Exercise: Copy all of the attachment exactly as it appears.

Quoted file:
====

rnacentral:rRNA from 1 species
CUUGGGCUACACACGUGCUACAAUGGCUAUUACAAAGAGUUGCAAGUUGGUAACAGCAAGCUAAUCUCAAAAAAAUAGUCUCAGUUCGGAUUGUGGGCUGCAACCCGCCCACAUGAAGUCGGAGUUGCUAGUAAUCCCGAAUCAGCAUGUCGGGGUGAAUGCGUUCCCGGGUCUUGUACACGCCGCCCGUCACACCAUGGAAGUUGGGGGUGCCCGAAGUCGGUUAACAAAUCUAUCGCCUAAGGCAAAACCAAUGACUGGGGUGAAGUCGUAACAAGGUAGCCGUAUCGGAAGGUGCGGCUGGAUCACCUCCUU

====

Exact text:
rnacentral:rRNA from 1 species
CUUGGGCUACACACGUGCUACAAUGGCUAUUACAAAGAGUUGCAAGUUGGUAACAGCAAGCUAAUCUCAAAAAAAUAGUCUCAGUUCGGAUUGUGGGCUGCAACCCGCCCACAUGAAGUCGGAGUUGCUAGUAAUCCCGAAUCAGCAUGUCGGGGUGAAUGCGUUCCCGGGUCUUGUACACGCCGCCCGUCACACCAUGGAAGUUGGGGGUGCCCGAAGUCGGUUAACAAAUCUAUCGCCUAAGGCAAAACCAAUGACUGGGGUGAAGUCGUAACAAGGUAGCCGUAUCGGAAGGUGCGGCUGGAUCACCUCCUU